This subsection also states that the collector is not prohibited from communicating with the consumer if the attorney consents to the collector contacting the consumer directly, or if the attorney fails to answer the collector’s attempts to discuss the debt. However, the code does not define how long the collector must give the attorney to respond.
§46A-3-112. Delinquency charges on precomputed consumer credit sales or consumer loans, (1) doubles the delinquency charges permitted on precomputed consumer credit sales or consumer loans not paid in full within 10 days after its scheduled due date. The new law allows the greater of (a) or (b):
(a) 5% of the unpaid amount of the installment, not to exceed $30 (formerly $15); or
(b) an amount equal to the deferral charge permitted to defer the unpaid amount of the installment for the period that it is delinquent.
§46A-5-101. Effect of violations on rights of parties; limitation of actions, (1) clarifies that a consumer may only recover up to $1,000 in additional damages per violation, not to exceed either $175,000 or the total alleged outstanding indebtedness. The limitations period applies to all actions filed on or after September 1, 2015.
§46A-5-101. Effect of violations on rights of parties; limitation of actions, (1) redefines the statute of limitations in that no action filed on or after September 1, 2015 can be brought more than four years after the violation occurred. Previously, the limit was one year after the due date of the last scheduled payment under the credit agreement.
§46A-5-107. Venue, eliminates venue shopping by requiring consumers to bring civil action either in the circuit court of the county in which the plaintiff legally resides at the time of the civil action, last resided in the state of West Virginia, or where the creditor or debt collector has its principal place of business.
Please contact Chad if you would like more information. firstname.lastname@example.org
American Express Must Defend TCPA Class Action Over Debt Collection Calls Placed by its Third Party Collection Agency
In Ossola, et al v. American Express Company, et al, the TCPA class action suit claims that AmEx is directly liable for TCPA damages even though AmEx did not make the phone calls at issue. The calls were placed by a third-party collection agency AmEx contracted to work the accounts. In a motion for partial summary judgment, AmEx argued it should not be held directly liable for actions it did not take.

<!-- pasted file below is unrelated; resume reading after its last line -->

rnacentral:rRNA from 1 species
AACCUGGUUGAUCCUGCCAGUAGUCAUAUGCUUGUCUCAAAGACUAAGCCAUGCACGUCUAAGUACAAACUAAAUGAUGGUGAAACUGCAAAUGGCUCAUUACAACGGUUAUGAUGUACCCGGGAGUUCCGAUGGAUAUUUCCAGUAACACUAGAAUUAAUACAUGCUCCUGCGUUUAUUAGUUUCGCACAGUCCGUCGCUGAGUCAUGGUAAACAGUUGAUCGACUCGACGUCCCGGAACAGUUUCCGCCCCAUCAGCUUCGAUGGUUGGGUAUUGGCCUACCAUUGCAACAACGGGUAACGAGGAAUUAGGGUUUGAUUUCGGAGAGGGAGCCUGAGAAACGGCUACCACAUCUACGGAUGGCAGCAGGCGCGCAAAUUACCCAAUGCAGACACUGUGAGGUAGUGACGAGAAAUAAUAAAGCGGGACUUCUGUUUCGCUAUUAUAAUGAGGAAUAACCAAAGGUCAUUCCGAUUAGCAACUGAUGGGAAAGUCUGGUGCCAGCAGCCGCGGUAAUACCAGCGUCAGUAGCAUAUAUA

On February 20, 2015, in Ossola, the U.S. District Court for the Northern District of Illinois disagreed with AmEx and denied its motion for partial summary judgment. The federal opinion stated, “[W]hether American Express itself actually placed the calls at issue is irrelevant.” The Ossola court relied on the opinion in Soppet, where the Seventh Circuit held that “[c]alls placed by a third party collector on behalf of that creditor are treated as if the creditor itself placed the call.” Soppet v. Enhanced Recovery Company, LLC, 679 F.3d 637, 642 (7th Cir. 2012).
The Ossola opinion also referenced a 2008 FCC Order that stated calls placed by a third party collector on behalf of a creditor are treated as having been made by the creditor itself. In re Rules and Regulations Implementing the Telephone Consumer Protection Act of 1991, 23 FCC Rcd. 559 ¶ 10 (Jan. 4, 2008).
The February 20, 2015 Ossola opinion was not a ruling on the merits of the case, but merely a rejection of AmEx’s motion for partial summary judgment. Therefore, the AmEx class action lawsuit will proceed and AmEx will have further opportunity to defend the allegations of AmEx’s direct liability pursuant to the TCPA.
This case is an important example of why creditors must establish express consent from consumers to call consumer cell phones and/or leave automated messages. The best way to document TCPA consent is to include such language in the underlying consumer credit agreement. The collection industry must continue efforts to educate creditor-clients about the critical nature of obtaining express consent to avoid TCPA liability and the firm encourages all our clients to have this conversation with your creditor-clients. Please contact Chad if you would like more information. email@example.com.